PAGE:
99.9 reccuring % of printed documents are so boring as to represent a health hazzard.

When was the last time you saw anything remotly interesting sitting on the office printer?

The EU really needs to apply some basic quality control over the drivel thier overpaid drones produce.

More importantly the UK civil sevice really, really desperately, needs to learn how to ignore this drivel just like all the other EU members do. Honestly they never actually expect anyone to pay any attention to this rubbish, they are only churning out documents to meet some internal words per year target and are too busy filling in expense claims to enforce anything.

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Flame

there's such a thing called secure printing!!!!!!

my last job in a large banks hq - well there was no such thing as thing as secure printing, it was basicly in the wing i worked in - three networked hp printers just churning off printing most of the day. The amount of customer data that i saw, was unbelievable - espcially when there were secure disposal bins next to the printers!!!!!!

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@nomen

Lisbon will be passed by a convincing margin. Read the treaty rather than xenophobe interpretations.

Printing is primitive stuff, it should be possible to throw a load of "paper" into a washing machine and then dry and press it back into blocks of a4,

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Gold badge

Modern printing devices keep digital copies of scanned or printed documents.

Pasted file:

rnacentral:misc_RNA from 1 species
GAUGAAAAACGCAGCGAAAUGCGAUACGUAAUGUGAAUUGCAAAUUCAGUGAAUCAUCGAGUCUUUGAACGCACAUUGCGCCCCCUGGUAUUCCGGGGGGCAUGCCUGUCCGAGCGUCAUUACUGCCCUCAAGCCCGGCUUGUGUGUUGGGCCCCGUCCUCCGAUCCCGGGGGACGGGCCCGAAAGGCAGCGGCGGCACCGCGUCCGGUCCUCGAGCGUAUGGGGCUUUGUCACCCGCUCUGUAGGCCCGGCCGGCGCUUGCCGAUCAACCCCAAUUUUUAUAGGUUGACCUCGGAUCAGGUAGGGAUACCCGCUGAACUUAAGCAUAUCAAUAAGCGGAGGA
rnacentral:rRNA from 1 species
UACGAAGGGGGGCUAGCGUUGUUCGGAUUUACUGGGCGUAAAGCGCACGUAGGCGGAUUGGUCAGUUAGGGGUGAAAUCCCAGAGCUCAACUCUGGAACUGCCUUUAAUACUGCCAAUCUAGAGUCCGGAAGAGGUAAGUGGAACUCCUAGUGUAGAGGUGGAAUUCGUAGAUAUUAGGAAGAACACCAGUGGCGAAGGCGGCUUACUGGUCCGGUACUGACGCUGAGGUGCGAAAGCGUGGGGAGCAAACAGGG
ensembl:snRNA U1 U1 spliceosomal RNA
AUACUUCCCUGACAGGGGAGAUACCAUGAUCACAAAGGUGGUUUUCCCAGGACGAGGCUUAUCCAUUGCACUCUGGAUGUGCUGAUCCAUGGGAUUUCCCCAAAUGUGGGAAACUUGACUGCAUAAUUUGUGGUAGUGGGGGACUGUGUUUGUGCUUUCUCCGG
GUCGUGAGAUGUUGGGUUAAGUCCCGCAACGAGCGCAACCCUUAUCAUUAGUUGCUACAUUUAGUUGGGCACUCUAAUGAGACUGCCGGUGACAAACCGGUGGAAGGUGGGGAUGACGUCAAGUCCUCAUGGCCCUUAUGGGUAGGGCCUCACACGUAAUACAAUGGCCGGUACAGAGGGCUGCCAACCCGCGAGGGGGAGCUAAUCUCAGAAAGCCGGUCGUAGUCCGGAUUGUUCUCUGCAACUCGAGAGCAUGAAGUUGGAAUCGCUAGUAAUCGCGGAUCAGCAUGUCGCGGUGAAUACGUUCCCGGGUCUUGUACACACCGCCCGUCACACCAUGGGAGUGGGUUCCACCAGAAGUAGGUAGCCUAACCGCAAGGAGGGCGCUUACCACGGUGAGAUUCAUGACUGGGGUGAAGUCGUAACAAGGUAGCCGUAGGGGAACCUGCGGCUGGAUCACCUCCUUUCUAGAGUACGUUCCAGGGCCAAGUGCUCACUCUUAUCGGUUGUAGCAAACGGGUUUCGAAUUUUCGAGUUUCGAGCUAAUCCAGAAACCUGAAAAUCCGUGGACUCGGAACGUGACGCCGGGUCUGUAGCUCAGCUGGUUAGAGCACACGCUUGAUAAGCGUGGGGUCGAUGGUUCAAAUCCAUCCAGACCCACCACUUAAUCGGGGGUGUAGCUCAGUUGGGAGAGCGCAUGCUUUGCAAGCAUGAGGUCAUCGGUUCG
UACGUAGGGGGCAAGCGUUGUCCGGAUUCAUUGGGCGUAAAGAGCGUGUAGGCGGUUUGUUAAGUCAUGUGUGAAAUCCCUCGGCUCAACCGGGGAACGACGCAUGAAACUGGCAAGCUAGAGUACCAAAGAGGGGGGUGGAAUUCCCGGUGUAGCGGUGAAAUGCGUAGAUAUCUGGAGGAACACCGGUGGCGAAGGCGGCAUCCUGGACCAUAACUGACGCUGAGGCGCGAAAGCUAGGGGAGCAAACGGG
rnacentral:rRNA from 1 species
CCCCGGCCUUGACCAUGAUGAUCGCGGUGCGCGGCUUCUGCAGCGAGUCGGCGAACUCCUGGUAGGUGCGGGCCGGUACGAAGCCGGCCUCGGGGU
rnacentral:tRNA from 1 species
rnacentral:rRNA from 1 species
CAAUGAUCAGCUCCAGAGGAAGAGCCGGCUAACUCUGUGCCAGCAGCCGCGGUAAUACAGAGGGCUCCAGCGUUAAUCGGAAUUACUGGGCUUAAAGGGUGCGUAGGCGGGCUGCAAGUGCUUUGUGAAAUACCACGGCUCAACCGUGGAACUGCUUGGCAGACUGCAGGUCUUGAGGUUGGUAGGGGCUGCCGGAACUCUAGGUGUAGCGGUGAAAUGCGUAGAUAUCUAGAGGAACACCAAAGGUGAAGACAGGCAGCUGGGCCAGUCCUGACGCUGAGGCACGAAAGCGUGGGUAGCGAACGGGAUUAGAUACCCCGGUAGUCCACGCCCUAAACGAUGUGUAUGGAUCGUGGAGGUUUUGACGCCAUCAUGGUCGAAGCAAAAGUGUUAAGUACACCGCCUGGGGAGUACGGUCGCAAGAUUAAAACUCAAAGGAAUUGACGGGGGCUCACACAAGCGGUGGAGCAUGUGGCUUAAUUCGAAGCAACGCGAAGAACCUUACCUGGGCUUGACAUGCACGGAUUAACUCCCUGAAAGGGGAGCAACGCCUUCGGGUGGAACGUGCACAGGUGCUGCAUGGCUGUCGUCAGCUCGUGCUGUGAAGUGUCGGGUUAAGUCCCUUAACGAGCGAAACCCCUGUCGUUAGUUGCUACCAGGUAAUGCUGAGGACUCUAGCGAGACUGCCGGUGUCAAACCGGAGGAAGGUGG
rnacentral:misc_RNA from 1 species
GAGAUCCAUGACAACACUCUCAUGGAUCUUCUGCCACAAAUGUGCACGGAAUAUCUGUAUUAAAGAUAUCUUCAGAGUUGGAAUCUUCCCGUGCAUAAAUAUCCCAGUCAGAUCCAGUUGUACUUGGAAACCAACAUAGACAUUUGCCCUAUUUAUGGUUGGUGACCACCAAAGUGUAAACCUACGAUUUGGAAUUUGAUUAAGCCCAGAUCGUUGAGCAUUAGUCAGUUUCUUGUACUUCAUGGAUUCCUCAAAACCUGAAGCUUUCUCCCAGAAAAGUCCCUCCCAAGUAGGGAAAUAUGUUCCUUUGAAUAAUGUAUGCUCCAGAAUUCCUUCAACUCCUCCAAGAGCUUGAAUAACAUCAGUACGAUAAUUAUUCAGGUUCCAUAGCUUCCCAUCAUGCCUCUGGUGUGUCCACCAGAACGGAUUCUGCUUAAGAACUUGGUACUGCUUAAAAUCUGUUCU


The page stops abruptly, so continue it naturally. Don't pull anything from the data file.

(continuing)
Care to elaborate? I doubt the average printer has the storage to retain even the current document if it runs to more than a few pages. If you want to spy on data, you'll need to plonk some malware on the printer. I've not heard of any such thing, though I suppose it's no less likely than a remotely exploitable flaw in SMB on a PC. Hmm, haven't heard of any of those recently either.

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Anonymous Coward

RE: OK - I'm convinced....

Yes, too true. Been there, seen it, done it.

At one stage about 10% of the support calls were desktop printers that had been bought/installed by individuals out of their departmental budgets so policy was changed to fully maintained centralised printers with backups and got the same problems of users complaining despite the fact it was a far better situation for everyone (a 50 page report printed in a few minutes, including auto stapling and sorting, rather than 20 on a colour inket).

I even used to walk up two flights of stairs to get my printing when I needed it, but unlike some users I didn't feel the need to print every e-mail I received and put it in my inbox!

Don't get me started on the centralised fax server with routing to individuals user's PCs and faxing from the desktop. Opposite problem this time - sales guys seemed to enjoy standing by the fax machine for 5 minutes waiting for their signed contract to come through. Now they had to carry on working at their PC as normal and not waste time!

Users are never happy and they always think "the old way" was better!

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Anonymous Coward

@ac

How about eliminating some of the security risks inherent - .303 between the eyes of the users incapable of using the technology.

Us Yanks prefer .308 or .30-06 for the old timmers

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Anonymous Coward

@ac

> "How about eliminating some of the security risks inherent - .303 between the eyes of the users incapable of using the technology."